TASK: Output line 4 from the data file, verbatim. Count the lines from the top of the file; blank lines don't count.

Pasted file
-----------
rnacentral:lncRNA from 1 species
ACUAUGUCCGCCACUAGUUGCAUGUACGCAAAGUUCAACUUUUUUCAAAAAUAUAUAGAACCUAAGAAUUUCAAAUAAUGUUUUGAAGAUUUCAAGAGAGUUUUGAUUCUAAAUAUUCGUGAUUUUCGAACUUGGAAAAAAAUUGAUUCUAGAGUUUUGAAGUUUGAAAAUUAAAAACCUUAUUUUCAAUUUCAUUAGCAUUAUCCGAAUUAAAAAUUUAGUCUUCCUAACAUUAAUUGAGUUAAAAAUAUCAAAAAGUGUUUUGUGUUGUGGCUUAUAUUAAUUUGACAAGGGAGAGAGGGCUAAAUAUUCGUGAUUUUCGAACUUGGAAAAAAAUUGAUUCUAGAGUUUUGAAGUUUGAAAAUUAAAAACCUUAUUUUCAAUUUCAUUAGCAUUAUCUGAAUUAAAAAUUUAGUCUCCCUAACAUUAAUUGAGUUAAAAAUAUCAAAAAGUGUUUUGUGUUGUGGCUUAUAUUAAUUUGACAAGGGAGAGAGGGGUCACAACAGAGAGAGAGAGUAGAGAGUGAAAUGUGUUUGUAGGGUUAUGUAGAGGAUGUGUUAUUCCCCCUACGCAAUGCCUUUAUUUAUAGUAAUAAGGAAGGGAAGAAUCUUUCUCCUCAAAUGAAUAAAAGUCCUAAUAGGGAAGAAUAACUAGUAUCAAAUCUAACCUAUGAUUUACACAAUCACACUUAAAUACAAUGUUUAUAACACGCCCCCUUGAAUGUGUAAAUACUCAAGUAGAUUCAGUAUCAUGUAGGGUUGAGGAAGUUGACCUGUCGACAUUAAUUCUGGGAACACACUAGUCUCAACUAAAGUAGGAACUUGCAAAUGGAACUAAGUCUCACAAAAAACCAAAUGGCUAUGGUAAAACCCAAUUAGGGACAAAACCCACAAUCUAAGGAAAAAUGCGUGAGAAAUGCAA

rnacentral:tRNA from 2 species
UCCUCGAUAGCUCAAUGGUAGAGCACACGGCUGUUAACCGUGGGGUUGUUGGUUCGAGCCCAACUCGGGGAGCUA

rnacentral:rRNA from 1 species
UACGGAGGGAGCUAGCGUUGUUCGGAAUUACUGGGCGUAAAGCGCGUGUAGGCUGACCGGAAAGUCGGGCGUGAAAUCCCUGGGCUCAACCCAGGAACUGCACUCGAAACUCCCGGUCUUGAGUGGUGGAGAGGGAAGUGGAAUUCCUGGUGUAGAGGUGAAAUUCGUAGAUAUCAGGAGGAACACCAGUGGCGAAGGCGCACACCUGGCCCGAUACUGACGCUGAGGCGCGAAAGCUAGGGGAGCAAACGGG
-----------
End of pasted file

UCCUCGAUAGCUCAAUGGUAGAGCACACGGCUGUUAACCGUGGGGUUGUUGGUUCGAGCCCAACUCGGGGAGCUA